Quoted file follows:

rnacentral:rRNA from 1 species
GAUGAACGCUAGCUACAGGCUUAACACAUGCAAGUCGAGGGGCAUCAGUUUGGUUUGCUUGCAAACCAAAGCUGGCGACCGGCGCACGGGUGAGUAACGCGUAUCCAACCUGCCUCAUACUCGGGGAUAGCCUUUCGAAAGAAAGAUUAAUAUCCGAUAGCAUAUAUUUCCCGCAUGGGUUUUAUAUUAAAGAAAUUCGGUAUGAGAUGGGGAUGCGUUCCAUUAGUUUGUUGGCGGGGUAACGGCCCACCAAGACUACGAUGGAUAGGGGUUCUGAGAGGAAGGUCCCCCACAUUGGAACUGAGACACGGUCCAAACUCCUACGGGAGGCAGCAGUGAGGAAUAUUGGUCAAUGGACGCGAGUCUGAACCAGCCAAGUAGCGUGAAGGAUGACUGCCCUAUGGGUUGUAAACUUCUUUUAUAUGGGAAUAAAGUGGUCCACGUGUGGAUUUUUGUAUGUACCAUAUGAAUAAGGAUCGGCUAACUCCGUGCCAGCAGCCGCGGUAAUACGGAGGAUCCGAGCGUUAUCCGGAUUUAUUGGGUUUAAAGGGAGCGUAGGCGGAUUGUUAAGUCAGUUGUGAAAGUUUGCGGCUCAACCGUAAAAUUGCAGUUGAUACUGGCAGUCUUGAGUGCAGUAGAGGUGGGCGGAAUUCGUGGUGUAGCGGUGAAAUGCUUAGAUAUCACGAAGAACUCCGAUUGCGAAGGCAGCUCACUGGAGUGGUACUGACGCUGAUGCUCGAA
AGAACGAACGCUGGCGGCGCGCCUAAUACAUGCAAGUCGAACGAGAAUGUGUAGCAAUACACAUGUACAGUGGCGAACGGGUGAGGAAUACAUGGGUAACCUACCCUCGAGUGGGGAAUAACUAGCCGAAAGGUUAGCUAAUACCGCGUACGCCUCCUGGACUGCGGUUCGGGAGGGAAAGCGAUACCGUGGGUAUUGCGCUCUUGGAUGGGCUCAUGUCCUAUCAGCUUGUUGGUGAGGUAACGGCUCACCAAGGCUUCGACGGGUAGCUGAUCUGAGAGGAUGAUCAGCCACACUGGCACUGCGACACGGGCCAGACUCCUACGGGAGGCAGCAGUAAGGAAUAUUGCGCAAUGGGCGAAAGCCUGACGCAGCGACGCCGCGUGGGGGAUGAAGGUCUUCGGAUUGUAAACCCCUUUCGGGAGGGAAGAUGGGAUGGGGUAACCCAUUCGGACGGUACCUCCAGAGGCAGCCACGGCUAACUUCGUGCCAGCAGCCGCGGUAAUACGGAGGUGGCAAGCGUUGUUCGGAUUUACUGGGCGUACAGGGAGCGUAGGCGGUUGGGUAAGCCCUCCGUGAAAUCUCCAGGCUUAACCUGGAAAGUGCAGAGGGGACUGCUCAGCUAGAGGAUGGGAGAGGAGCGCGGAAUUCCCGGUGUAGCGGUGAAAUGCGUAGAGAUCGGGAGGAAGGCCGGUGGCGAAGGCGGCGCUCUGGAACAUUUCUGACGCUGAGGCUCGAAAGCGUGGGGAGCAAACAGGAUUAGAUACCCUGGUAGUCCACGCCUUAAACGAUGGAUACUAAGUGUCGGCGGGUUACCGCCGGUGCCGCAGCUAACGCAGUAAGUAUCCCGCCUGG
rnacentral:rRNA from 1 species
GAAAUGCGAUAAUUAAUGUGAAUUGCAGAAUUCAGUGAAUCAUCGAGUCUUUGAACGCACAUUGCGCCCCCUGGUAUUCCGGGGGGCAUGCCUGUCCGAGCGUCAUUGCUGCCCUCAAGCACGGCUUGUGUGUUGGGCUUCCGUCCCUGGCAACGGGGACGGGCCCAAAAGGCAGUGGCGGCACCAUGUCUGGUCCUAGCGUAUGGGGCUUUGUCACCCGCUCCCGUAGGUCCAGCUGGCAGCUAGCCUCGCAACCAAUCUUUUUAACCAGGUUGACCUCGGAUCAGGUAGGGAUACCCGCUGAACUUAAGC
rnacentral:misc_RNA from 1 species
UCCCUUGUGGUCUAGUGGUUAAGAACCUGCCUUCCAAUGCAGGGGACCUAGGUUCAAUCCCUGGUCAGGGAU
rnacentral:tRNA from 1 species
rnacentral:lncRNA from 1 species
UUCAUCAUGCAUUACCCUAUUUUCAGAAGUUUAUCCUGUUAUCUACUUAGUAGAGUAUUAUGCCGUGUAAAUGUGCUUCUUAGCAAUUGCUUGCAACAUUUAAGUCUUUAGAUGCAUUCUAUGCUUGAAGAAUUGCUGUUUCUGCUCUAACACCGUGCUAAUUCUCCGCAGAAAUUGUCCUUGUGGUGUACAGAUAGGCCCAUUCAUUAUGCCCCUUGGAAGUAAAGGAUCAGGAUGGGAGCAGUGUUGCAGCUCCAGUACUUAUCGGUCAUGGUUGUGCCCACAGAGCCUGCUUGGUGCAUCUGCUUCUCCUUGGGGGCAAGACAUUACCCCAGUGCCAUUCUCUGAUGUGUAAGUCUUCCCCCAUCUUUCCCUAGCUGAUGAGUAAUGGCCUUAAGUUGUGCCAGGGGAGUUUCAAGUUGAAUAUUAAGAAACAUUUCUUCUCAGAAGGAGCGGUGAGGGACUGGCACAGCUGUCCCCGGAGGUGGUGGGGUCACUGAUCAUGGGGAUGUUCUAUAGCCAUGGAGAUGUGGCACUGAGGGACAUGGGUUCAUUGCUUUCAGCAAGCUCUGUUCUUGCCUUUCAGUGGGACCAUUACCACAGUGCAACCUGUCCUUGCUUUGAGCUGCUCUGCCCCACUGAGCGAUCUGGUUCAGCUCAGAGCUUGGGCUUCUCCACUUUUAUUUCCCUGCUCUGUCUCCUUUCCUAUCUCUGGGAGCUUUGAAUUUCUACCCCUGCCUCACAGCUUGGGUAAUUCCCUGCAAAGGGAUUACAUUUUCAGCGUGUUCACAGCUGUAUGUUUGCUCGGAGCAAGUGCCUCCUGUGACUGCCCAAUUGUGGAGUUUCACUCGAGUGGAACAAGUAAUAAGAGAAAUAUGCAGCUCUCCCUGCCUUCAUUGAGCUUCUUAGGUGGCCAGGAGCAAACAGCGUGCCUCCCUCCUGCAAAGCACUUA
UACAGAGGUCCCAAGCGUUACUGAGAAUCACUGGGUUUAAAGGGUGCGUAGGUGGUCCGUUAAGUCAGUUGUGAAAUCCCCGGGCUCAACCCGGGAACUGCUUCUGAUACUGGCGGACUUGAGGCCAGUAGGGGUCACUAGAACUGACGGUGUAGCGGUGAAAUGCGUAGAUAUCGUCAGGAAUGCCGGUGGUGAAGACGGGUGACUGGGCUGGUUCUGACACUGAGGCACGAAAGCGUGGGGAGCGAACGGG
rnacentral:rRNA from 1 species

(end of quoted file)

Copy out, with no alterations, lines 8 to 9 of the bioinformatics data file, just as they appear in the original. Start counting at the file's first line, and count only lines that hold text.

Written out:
rnacentral:tRNA from 1 species
rnacentral:lncRNA from 1 species